Source: Judge demands MP’s flag-coloured jacket | The Herald June 27, 2017
Fidelis Munyoro Chief Court Reporter
The High Court has requested pictures of MDC-T legislator Trevor Saruwaka’s jacket bearing colours of the national flag, in a case in which the politician seeks to enforce his right to freedom of conscience and religion.
Mr Saruwaka, the legislator for Mutasa Central, caused a scene when he entered the National Assembly wearing the jacket last year. He was ejected from the House. Mr Saruwaka argues that the colours were in accordance with his Rastafarian faith.
Through his lawyer, Advocate Tawanda Zhuwarara instructed by Kudzayi Kadzere of Kadzere, Hungwe and Mandevere law firm, Mr Saruwaka approached the High Court challenging his ejection from the National Assembly last October for sporting the flag-coloured jacket.
Justice Lavender Makoni heard the matter which is anchored on constitutional rights. She reserved ruling, but requested to see photographs of the jacket.
“I want to have a look at the jacket’s front and back view,” said Justice Makoni. In his application, Mr Saruwaka listed Speaker of the National Assembly Advocate Jacob Mudenda and the chief security officer of Parliament as respondents.
Adv Zhuwarara argued that Adv Mudenda had no right to determine the colour of clothes his client must wear in Parliament.
He also argued that his ejection for wearing the flag-coloured jacket was unlawful and an infringement on his right to freedom of conscience and religion. Adv Zhuwarara said there were no provisions in the Standing Rules and Orders of Parliament that barred Mr Saruwaka from wearing such colours.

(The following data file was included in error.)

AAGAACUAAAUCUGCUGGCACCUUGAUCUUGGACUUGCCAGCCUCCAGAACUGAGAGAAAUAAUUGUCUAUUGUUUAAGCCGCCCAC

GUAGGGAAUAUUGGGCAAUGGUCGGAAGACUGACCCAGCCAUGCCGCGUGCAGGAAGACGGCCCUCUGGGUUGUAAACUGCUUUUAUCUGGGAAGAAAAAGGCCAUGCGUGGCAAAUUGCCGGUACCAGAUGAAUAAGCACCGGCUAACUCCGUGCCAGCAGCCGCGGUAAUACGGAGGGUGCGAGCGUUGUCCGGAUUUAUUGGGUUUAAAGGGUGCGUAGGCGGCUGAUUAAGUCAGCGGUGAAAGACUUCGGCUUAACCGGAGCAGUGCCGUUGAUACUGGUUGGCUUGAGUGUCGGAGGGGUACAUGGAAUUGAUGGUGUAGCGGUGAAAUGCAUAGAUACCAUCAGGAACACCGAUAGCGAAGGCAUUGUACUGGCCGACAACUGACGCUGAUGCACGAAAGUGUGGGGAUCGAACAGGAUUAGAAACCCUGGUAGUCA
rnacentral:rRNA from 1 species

He submitted that his client, being of the Rastafari religion, had a right to freedom of conscience and religion in terms of Section 60 of the Constitution. Adv Zhuwarara said the right included propagating his religious beliefs whether in private or in public within the confines of the law.
By denying his client access to the National Assembly, Adv Zhuwarara said, Adv Mudenda had elevated himself above the Constitution without lawful cause.
In his counter-arguments, Adv Mudenda, who was represented by his lawyers Mr Simplisius Chihambakwe of Chihambakwe, Mutizwa and Partners, said he had the discretion to determine whether the apparel an MP wore befit the dignity of the august House or not.
Mr Chihambakwe referred to a ruling that Parliament made on May 18 last year banning national flag in the house.
He argued that Adv Mudenda exercised his powers in terms of Order 76 of the National Assembly Standing Orders and Rules. According to the rules, the attire for males is prescribed to be a suit, jacket and tie.
It was also Mr Chihambakwe’s contention that Mr Saruwaka jumped the gun when he rushed to the High Court without exhausting Parliament internal remedies at his disposal.
Mr Saruwaka’s National Assembly spectacle took place after Adv Mudenda ruled in June last year that the national flag would not be allowed in the House.
This followed the “abuse” of the flag under the #ThisFlag campaign. Several MDC-T legislators, including Mr Saruwaka, had entered the house with national flags on their necks.